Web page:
By His birth He knows the stress of a newborn baby as they gasp for their first breath. He knows the strains of what it’s like to grow up in a house with financial burden. His dad was a hard working carpenter from a rural town. It was in that setting He learned His first lessons of trusting God with everything.
In John 4 we see Jesus became intimately aware of the difficulty of having a bodily existence in a fallen world. He knows what it’s like to have a body that gets worn out to the point of exhaustion. He knows what its like to be tired and have nothing left.
Later in life He came to know the grief of losing a close friend, Lazarus. He knows the frustration of being in constant conflict with people around Him; even being misunderstood, having no one who really got Him and what He was all about. He also knew what it was like to have the loneliness of one of your close friends betray and reject you. Isaiah 53 prophesies about Jesus saying He would be the Man of sorrows, well acquainted with grief.
Jesus was made like us in every way. He experienced real suffering, temptation, grief and despair in the same ways we do. He did all of this in order to give us help.
17 Therefore he had to be made like his brothers in every respect, so that he might become a merciful and faithful high priest in the service of God, to make propitiation for the sins of the people. 18 For because he himself has suffered when tempted, he is able to help those who are being tempted. Hebrews 2:17-18 (ESV)
For those of you experiencing real grief, pain, depression and despair, understand that the birth of Jesus and His humanity means God has not left you. He has not forgotten you. He’s been faithful with all of His promises. He sent us His son.
Jesus grieves your loss with you. He’s not a tyrant in the sky telling you to get over it already. He grieves with you just like He did with Mary and Martha after the death of Lazarus. He also stands to give us help and strengthen us. He gives us His Spirit to live inside of us. That Spirit reminds us that there’s coming a day when it won’t be like this anymore; no more cancer, miscarriages, pain, sorrow, or death. He also gives us the support of His people. He saves us into a family, giving us brothers and sisters. We don’t walk alone.
There are others who are grappling with a guilty conscience, wondering if there is forgiveness for you. The high priestly work of Jesus means every sin of yours, no matter how dark, has been wiped away and erased. We don’t have to wonder if God loves and forgives us. We don’t have to work our way back into His good graces. Jesus has given us every good grace from the Father. He has lavished a love on us that calls us sons and daughters of God. Receive His rest and grace by faith. It is finished.
It doesn’t end here though.
Cradle of Exaltation
How could all of this end up in exaltation?
In God’s Kingdom, the way up is the way down. The way up to right relationship with God is the way down through repentance and confession of sin. That paradigm has never been truer than in the life of Jesus.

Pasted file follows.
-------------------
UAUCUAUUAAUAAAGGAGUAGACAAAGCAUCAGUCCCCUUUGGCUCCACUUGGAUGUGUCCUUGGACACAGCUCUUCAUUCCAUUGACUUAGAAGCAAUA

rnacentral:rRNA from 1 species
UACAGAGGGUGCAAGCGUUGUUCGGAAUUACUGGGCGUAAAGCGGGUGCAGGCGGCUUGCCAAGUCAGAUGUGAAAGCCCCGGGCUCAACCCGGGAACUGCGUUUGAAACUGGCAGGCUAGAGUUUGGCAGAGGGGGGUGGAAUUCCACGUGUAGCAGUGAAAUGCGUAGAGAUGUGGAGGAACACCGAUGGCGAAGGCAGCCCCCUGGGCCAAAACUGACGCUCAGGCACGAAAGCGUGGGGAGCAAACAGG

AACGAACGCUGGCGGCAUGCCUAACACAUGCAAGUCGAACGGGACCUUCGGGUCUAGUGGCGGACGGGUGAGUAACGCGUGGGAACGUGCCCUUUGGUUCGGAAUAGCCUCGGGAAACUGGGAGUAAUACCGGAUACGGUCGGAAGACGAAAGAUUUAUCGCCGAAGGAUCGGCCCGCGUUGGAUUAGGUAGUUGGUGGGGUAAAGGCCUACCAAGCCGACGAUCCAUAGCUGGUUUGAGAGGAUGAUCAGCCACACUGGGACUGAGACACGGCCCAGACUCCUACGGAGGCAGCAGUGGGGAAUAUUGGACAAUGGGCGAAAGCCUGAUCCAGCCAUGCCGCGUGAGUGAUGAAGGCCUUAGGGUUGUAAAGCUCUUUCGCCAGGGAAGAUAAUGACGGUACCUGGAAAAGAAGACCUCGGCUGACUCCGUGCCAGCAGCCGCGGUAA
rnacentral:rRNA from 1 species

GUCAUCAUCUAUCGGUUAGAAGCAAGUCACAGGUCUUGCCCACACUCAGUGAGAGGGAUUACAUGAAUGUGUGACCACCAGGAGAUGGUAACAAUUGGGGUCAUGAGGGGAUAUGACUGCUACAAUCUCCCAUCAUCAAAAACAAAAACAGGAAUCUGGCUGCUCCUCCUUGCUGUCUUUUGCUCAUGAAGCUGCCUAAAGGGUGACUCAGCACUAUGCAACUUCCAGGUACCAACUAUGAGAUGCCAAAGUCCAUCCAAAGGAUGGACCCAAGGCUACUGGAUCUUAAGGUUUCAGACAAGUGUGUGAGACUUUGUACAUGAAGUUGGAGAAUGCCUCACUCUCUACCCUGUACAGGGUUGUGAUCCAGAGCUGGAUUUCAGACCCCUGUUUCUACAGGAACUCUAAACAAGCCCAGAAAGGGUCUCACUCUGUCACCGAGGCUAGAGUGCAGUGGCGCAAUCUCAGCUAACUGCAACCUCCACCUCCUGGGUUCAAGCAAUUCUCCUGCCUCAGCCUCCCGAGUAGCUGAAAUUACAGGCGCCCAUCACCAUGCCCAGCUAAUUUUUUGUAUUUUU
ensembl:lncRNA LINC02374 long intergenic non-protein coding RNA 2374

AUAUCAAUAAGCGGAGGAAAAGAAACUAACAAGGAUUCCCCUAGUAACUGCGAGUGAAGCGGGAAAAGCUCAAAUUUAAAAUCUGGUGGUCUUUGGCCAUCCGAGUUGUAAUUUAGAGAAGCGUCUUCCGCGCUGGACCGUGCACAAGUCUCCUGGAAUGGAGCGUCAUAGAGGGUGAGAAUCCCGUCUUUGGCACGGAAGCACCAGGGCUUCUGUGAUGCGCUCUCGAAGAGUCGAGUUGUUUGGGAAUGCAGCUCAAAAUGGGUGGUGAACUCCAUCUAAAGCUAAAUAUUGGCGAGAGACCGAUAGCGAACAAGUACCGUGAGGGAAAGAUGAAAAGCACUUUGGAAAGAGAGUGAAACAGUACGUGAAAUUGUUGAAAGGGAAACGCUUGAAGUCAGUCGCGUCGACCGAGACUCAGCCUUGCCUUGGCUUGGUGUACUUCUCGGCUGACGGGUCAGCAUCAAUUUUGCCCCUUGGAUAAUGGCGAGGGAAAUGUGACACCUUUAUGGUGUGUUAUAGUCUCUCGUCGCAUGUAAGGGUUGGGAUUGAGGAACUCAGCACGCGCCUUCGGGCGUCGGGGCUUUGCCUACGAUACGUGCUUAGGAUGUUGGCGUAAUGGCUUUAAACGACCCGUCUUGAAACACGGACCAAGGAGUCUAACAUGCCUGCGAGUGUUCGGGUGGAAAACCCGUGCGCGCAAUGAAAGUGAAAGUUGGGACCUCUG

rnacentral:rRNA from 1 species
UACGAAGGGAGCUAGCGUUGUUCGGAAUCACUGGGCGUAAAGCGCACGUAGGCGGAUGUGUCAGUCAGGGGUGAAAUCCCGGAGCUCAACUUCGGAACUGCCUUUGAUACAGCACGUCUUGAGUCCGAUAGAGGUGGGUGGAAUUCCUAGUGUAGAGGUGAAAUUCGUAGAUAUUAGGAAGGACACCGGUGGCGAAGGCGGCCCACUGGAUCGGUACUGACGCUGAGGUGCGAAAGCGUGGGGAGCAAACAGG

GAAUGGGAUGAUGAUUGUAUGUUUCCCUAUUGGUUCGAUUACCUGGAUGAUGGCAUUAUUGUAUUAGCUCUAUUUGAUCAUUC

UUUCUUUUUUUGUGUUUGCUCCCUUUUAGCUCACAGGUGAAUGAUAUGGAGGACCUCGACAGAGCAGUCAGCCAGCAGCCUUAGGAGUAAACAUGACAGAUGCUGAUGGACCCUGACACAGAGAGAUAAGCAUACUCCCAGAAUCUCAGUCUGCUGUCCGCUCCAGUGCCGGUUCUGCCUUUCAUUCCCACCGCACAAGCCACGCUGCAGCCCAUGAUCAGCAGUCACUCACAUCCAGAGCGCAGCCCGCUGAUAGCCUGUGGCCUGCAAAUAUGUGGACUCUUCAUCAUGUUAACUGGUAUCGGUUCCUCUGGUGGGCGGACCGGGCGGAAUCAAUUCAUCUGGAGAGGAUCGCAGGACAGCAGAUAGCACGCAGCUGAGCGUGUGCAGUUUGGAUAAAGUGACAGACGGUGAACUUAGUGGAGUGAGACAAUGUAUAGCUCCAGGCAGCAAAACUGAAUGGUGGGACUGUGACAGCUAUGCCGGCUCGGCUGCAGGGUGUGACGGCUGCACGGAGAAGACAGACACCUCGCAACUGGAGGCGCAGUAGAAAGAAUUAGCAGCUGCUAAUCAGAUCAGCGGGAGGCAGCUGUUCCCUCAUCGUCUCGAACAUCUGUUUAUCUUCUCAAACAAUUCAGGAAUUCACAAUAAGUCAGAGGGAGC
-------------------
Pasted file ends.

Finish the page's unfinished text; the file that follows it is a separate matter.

He was born to a cradle of humility that eventually led to His suffering, but it didn’t end there. There was a cradle of exaltation, because His birth was a sign to the enemy that his time was short and his defeat was coming
14 Since therefore the children share in flesh and blood, he himself likewise partook of the same things, that through death he might destroy the one who has the power of death, that is, the devil, 15 and deliver all those who through fear of death were subject to lifelong slavery. Hebrews 2:14-15 (ESV)
Jesus destroyed the power of the devil. He suffering was in victory as a conquering king.
Though Jesus was born in meekness, He wasn’t weak. Those cries from the Bethlehem stable weren’t just our Savior gasping for His first breath of life down here on earth; they were also cries of battle signaling to Satan that his time was short. The true King had come and he was about to be conquered.
Satan remembered the promise God gave in Genesis 3, that there would be a day He would send a Messiah. Though Satan would seek to strike His heel, Jesus would one day crush his head.
Humility and suffering, for those who believe, always give way to exaltation.
That is how it was for Jesus too. It didn’t end in death. He has been exalted to the highest place, given the name above every name, Jesus. Every knee shall bow on heaven and earth, and every tongue confess to the glory of God the Father that Jesus is Lord.
The gospel is the story of Jesus becoming our story. The life of Jesus becomes our life. No pain you walk through, no suffering you endure, no difficulty you face is empty or without purpose. God is working all these things together for our good. Glory is coming for us.
Approach Christ With Confidence
When we think about the humility, suffering and exaltation of Jesus, it ought to shift some things in us this Christmas season. It ought to move in us in the way we celebrate. The fact Jesus was born means when you gather around the table with relatives and begin to share stories of what happened in their life, you don’t have to prove yourself. You don’t have to always have the one-up story. You don’t have to earn your approval as though your worth is caught up in your family’s opinion of you.
God has already counted your life with infinite worth and value, such that He gave you His son and He now calls you His brother.
When we think about the humanity of Jesus, it ought to shift the way we deal with our bitterness. We don’t have to hang on to the wrongs done to us. Jesus understands the pain of betrayal and being hurt; He helps us give grace and forgiveness just as we’ve been forgiven.
When we think about the exaltation and victory of Jesus, it ought to shift the way we handle the religious debates we have with non-believing relatives. We don’t have to win the argument or have the last word. Jesus isn’t a loser. He doesn’t need you to win an argument to maintain the true meaning of Christmas. Our King is big enough to defend Himself and turn the hearts of sinners whenever He so pleases.
14 Since then we have a great high priest who has passed through the heavens, Jesus, the Son of God, let us hold fast our confession. 15 For we do not have a high priest who is unable to sympathize with our weaknesses, but one who in every respect has been tempted as we are, yet without sin. 16 Let us then with confidence draw near to the throne of grace, that we may receive mercy and find grace to help in time of need. Hebrews 4:14-16 (ESV)
Let us then approach Him with confidence this Christmas. Through His cradle and life, we know everything He said about His kingdom is true. Through His humility and suffering, we know He understands us. As the exalted King with all authority in heaven and earth, He invites us to come close.